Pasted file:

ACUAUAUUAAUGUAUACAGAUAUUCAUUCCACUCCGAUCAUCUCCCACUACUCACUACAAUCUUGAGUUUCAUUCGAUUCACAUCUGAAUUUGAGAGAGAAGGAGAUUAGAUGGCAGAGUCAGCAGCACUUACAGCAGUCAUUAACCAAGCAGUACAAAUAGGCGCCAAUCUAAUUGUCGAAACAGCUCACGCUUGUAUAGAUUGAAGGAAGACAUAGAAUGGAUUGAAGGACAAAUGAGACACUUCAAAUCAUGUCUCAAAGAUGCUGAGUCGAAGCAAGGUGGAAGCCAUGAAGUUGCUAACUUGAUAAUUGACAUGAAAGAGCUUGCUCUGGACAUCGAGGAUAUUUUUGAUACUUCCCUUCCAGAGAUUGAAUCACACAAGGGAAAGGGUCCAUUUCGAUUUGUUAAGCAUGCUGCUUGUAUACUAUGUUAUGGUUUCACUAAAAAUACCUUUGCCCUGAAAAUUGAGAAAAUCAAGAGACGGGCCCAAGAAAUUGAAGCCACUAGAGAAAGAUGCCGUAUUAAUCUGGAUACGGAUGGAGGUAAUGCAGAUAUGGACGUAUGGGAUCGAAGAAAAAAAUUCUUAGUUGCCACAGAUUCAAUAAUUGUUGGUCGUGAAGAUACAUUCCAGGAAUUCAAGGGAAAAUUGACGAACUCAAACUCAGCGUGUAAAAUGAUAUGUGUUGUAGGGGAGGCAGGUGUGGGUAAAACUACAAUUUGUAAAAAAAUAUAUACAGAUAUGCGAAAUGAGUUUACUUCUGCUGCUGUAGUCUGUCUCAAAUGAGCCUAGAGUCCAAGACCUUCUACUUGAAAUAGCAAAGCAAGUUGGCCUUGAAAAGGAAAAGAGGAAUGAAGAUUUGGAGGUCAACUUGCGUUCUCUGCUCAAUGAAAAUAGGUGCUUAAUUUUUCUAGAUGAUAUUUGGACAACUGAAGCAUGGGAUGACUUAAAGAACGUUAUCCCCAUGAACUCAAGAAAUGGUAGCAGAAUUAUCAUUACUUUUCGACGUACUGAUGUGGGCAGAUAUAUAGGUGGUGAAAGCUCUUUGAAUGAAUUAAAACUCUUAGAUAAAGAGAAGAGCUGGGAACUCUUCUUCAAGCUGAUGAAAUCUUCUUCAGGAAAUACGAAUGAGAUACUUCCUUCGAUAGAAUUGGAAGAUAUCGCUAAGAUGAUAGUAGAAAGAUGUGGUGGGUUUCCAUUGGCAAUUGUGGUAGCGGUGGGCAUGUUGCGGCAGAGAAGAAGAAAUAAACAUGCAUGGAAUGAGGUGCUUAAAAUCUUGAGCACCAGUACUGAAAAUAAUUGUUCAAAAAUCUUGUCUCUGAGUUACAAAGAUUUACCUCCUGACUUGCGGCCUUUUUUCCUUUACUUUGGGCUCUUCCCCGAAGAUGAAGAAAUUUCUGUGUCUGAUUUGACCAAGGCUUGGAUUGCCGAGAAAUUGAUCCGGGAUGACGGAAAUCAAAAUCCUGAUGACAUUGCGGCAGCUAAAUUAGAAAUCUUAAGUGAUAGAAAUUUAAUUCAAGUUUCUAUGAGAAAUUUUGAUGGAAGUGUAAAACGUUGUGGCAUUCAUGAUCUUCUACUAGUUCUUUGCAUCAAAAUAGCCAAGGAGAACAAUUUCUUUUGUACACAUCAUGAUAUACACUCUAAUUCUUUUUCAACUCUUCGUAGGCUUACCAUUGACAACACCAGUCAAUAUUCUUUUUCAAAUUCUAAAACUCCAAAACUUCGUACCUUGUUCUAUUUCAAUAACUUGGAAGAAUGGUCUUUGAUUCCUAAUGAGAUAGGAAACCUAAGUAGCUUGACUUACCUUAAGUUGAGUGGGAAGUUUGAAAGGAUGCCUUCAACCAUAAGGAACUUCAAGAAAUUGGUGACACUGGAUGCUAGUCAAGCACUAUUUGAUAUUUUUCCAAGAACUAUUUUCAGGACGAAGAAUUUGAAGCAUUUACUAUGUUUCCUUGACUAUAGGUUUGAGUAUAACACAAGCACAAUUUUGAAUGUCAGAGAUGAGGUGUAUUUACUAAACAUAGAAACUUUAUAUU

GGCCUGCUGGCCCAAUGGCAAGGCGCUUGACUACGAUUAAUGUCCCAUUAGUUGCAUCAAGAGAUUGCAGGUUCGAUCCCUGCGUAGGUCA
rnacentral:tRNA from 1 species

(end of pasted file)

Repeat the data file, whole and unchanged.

ACUAUAUUAAUGUAUACAGAUAUUCAUUCCACUCCGAUCAUCUCCCACUACUCACUACAAUCUUGAGUUUCAUUCGAUUCACAUCUGAAUUUGAGAGAGAAGGAGAUUAGAUGGCAGAGUCAGCAGCACUUACAGCAGUCAUUAACCAAGCAGUACAAAUAGGCGCCAAUCUAAUUGUCGAAACAGCUCACGCUUGUAUAGAUUGAAGGAAGACAUAGAAUGGAUUGAAGGACAAAUGAGACACUUCAAAUCAUGUCUCAAAGAUGCUGAGUCGAAGCAAGGUGGAAGCCAUGAAGUUGCUAACUUGAUAAUUGACAUGAAAGAGCUUGCUCUGGACAUCGAGGAUAUUUUUGAUACUUCCCUUCCAGAGAUUGAAUCACACAAGGGAAAGGGUCCAUUUCGAUUUGUUAAGCAUGCUGCUUGUAUACUAUGUUAUGGUUUCACUAAAAAUACCUUUGCCCUGAAAAUUGAGAAAAUCAAGAGACGGGCCCAAGAAAUUGAAGCCACUAGAGAAAGAUGCCGUAUUAAUCUGGAUACGGAUGGAGGUAAUGCAGAUAUGGACGUAUGGGAUCGAAGAAAAAAAUUCUUAGUUGCCACAGAUUCAAUAAUUGUUGGUCGUGAAGAUACAUUCCAGGAAUUCAAGGGAAAAUUGACGAACUCAAACUCAGCGUGUAAAAUGAUAUGUGUUGUAGGGGAGGCAGGUGUGGGUAAAACUACAAUUUGUAAAAAAAUAUAUACAGAUAUGCGAAAUGAGUUUACUUCUGCUGCUGUAGUCUGUCUCAAAUGAGCCUAGAGUCCAAGACCUUCUACUUGAAAUAGCAAAGCAAGUUGGCCUUGAAAAGGAAAAGAGGAAUGAAGAUUUGGAGGUCAACUUGCGUUCUCUGCUCAAUGAAAAUAGGUGCUUAAUUUUUCUAGAUGAUAUUUGGACAACUGAAGCAUGGGAUGACUUAAAGAACGUUAUCCCCAUGAACUCAAGAAAUGGUAGCAGAAUUAUCAUUACUUUUCGACGUACUGAUGUGGGCAGAUAUAUAGGUGGUGAAAGCUCUUUGAAUGAAUUAAAACUCUUAGAUAAAGAGAAGAGCUGGGAACUCUUCUUCAAGCUGAUGAAAUCUUCUUCAGGAAAUACGAAUGAGAUACUUCCUUCGAUAGAAUUGGAAGAUAUCGCUAAGAUGAUAGUAGAAAGAUGUGGUGGGUUUCCAUUGGCAAUUGUGGUAGCGGUGGGCAUGUUGCGGCAGAGAAGAAGAAAUAAACAUGCAUGGAAUGAGGUGCUUAAAAUCUUGAGCACCAGUACUGAAAAUAAUUGUUCAAAAAUCUUGUCUCUGAGUUACAAAGAUUUACCUCCUGACUUGCGGCCUUUUUUCCUUUACUUUGGGCUCUUCCCCGAAGAUGAAGAAAUUUCUGUGUCUGAUUUGACCAAGGCUUGGAUUGCCGAGAAAUUGAUCCGGGAUGACGGAAAUCAAAAUCCUGAUGACAUUGCGGCAGCUAAAUUAGAAAUCUUAAGUGAUAGAAAUUUAAUUCAAGUUUCUAUGAGAAAUUUUGAUGGAAGUGUAAAACGUUGUGGCAUUCAUGAUCUUCUACUAGUUCUUUGCAUCAAAAUAGCCAAGGAGAACAAUUUCUUUUGUACACAUCAUGAUAUACACUCUAAUUCUUUUUCAACUCUUCGUAGGCUUACCAUUGACAACACCAGUCAAUAUUCUUUUUCAAAUUCUAAAACUCCAAAACUUCGUACCUUGUUCUAUUUCAAUAACUUGGAAGAAUGGUCUUUGAUUCCUAAUGAGAUAGGAAACCUAAGUAGCUUGACUUACCUUAAGUUGAGUGGGAAGUUUGAAAGGAUGCCUUCAACCAUAAGGAACUUCAAGAAAUUGGUGACACUGGAUGCUAGUCAAGCACUAUUUGAUAUUUUUCCAAGAACUAUUUUCAGGACGAAGAAUUUGAAGCAUUUACUAUGUUUCCUUGACUAUAGGUUUGAGUAUAACACAAGCACAAUUUUGAAUGUCAGAGAUGAGGUGUAUUUACUAAACAUAGAAACUUUAUAUU

GGCCUGCUGGCCCAAUGGCAAGGCGCUUGACUACGAUUAAUGUCCCAUUAGUUGCAUCAAGAGAUUGCAGGUUCGAUCCCUGCGUAGGUCA
rnacentral:tRNA from 1 species